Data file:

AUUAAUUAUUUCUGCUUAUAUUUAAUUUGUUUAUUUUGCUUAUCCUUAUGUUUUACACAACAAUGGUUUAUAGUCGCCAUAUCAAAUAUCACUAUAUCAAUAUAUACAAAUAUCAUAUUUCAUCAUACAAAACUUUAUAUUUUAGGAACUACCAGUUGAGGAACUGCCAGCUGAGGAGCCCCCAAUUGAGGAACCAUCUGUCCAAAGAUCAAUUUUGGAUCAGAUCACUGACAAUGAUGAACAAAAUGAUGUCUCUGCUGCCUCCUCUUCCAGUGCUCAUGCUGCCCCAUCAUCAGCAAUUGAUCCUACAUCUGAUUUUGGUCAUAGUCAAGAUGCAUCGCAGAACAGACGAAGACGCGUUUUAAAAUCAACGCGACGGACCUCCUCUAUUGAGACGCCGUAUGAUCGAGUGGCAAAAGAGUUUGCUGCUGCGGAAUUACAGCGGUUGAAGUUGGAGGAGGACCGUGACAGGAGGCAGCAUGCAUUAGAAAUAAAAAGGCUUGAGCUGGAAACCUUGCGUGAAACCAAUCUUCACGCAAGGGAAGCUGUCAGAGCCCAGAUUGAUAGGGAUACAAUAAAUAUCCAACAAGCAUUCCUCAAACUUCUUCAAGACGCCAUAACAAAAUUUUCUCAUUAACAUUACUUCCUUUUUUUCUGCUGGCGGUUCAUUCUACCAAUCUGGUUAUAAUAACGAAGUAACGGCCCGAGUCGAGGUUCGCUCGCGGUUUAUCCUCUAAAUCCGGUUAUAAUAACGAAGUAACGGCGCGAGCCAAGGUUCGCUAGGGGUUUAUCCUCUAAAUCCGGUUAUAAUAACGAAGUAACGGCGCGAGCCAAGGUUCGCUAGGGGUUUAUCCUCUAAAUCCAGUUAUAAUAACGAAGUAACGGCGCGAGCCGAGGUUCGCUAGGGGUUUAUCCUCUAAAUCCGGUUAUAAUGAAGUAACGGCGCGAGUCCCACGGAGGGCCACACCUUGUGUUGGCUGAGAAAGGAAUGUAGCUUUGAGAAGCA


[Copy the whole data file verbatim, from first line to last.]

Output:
AUUAAUUAUUUCUGCUUAUAUUUAAUUUGUUUAUUUUGCUUAUCCUUAUGUUUUACACAACAAUGGUUUAUAGUCGCCAUAUCAAAUAUCACUAUAUCAAUAUAUACAAAUAUCAUAUUUCAUCAUACAAAACUUUAUAUUUUAGGAACUACCAGUUGAGGAACUGCCAGCUGAGGAGCCCCCAAUUGAGGAACCAUCUGUCCAAAGAUCAAUUUUGGAUCAGAUCACUGACAAUGAUGAACAAAAUGAUGUCUCUGCUGCCUCCUCUUCCAGUGCUCAUGCUGCCCCAUCAUCAGCAAUUGAUCCUACAUCUGAUUUUGGUCAUAGUCAAGAUGCAUCGCAGAACAGACGAAGACGCGUUUUAAAAUCAACGCGACGGACCUCCUCUAUUGAGACGCCGUAUGAUCGAGUGGCAAAAGAGUUUGCUGCUGCGGAAUUACAGCGGUUGAAGUUGGAGGAGGACCGUGACAGGAGGCAGCAUGCAUUAGAAAUAAAAAGGCUUGAGCUGGAAACCUUGCGUGAAACCAAUCUUCACGCAAGGGAAGCUGUCAGAGCCCAGAUUGAUAGGGAUACAAUAAAUAUCCAACAAGCAUUCCUCAAACUUCUUCAAGACGCCAUAACAAAAUUUUCUCAUUAACAUUACUUCCUUUUUUUCUGCUGGCGGUUCAUUCUACCAAUCUGGUUAUAAUAACGAAGUAACGGCCCGAGUCGAGGUUCGCUCGCGGUUUAUCCUCUAAAUCCGGUUAUAAUAACGAAGUAACGGCGCGAGCCAAGGUUCGCUAGGGGUUUAUCCUCUAAAUCCGGUUAUAAUAACGAAGUAACGGCGCGAGCCAAGGUUCGCUAGGGGUUUAUCCUCUAAAUCCAGUUAUAAUAACGAAGUAACGGCGCGAGCCGAGGUUCGCUAGGGGUUUAUCCUCUAAAUCCGGUUAUAAUGAAGUAACGGCGCGAGUCCCACGGAGGGCCACACCUUGUGUUGGCUGAGAAAGGAAUGUAGCUUUGAGAAGCA